Adapt Sound is available too - an audio calibration tool that tries to combine the most comfortable highs and lows for the best audio in calls and music. This way the phone can map the capacity of your specific headset and fine-tune its output for optimal sonic experience.
Music is sorted into various categories (Albums, Songs, Playlists, Artists, Genres, Folders, Composers, Years, Music Square, Nearby devices), but the most interesting one is called Music square - it's quite similar to the SensMe feature of Sony Ericsson phones. It automatically rates a song as exciting or calm, passionate or joyful and plots those songs on a square (hence the name).
From here, you can highlight an area of the square and the phone will automatically build a playlist of songs that matches your selection - and therefore your mood.
You can swipe the album art left and right to move between songs. You can also put the phone face down to mute the sound or place your palm over the screen to pause playback.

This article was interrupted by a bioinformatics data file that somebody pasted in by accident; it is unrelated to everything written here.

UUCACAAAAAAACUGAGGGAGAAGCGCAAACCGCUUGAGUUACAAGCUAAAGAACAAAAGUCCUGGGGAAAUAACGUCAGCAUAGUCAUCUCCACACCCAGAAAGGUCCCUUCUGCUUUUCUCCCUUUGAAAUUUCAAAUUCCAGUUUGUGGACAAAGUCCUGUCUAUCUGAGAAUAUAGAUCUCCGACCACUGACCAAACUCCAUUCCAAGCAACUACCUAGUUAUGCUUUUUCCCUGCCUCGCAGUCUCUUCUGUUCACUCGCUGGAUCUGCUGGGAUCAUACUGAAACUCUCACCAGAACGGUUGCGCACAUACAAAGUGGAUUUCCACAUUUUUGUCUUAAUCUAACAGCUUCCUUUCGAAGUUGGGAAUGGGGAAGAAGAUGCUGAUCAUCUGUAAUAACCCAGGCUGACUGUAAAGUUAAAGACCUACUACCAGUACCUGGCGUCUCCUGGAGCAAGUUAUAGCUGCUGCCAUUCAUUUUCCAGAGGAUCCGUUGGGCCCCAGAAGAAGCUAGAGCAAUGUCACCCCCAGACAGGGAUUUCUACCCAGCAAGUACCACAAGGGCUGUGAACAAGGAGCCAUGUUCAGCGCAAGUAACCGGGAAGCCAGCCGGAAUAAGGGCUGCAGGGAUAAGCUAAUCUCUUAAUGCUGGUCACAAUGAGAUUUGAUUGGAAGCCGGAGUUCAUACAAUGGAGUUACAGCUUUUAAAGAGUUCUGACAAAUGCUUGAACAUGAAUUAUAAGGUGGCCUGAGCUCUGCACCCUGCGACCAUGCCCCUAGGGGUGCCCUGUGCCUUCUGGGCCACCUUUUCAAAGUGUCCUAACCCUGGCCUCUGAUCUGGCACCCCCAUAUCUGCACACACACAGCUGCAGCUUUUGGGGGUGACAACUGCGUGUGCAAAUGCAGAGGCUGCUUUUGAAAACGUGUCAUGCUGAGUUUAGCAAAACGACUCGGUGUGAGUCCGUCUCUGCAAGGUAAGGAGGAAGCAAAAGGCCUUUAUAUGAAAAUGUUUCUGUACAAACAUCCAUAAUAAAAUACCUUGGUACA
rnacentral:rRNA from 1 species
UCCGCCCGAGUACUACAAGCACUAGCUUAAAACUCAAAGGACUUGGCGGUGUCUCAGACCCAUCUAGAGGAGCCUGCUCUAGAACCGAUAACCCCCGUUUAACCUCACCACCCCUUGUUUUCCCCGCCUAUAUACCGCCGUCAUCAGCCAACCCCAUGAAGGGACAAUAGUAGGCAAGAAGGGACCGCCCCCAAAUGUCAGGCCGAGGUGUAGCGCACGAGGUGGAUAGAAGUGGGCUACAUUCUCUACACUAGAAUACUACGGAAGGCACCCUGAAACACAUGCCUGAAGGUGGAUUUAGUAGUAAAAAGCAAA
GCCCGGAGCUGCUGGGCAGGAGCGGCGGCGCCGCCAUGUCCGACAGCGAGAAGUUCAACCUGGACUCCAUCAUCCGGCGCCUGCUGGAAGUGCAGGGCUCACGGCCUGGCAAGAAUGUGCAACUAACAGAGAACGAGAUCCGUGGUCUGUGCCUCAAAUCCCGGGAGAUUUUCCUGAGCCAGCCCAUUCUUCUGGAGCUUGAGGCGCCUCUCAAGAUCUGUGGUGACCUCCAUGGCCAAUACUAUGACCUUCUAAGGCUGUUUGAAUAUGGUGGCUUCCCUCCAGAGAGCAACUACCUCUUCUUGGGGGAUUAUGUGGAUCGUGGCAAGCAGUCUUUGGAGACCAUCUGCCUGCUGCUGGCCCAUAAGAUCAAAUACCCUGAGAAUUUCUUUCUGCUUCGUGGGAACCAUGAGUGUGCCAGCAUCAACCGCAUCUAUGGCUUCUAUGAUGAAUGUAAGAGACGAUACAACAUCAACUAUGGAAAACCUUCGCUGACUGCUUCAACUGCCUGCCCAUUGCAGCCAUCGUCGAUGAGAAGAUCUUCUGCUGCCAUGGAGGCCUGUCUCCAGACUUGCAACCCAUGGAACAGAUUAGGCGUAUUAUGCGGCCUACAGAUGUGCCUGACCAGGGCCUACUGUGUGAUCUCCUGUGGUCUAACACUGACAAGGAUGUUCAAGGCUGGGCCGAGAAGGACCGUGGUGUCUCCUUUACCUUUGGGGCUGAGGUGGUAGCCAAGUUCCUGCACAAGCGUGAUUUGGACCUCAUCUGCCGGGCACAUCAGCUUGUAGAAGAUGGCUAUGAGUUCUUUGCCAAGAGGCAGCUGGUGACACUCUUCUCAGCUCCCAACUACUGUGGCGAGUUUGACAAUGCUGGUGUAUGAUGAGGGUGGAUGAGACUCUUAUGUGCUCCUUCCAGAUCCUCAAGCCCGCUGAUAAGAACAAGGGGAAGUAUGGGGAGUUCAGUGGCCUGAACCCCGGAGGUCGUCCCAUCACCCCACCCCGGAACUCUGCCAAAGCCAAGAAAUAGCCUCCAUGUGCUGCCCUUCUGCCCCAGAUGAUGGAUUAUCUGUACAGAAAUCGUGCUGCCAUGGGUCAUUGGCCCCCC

The Galaxy Tab 3 8.0 player is DLNA-enabled, so you're not limited to tracks on your handset - songs on devices connected to your Wi-Fi network are as easy to get to as locally stored songs.
Samsung is well known with its great video players and the Galaxy Tab 3 8.0 is no exception. The video players offers several view modes - grid, list, folders and nearby devices (which accesses DLNA devices).
The grid view is our favorite as the visible video thumbnails (all eight of them) are actually playing the videos instead of being static images. They play at a reduced framerate and generating those previews takes a couple of minutes the first time around, but it's still an awesome preview.
The video player lets you choose between three crop modes for how the video fits the screen. Dolby Mobile is available in the video player to enhance your audio experience.
Another cool feature is the chapter preview - it detects chapters in the video and shows a rectangular grid, with live thumbnails (just like the grid view above).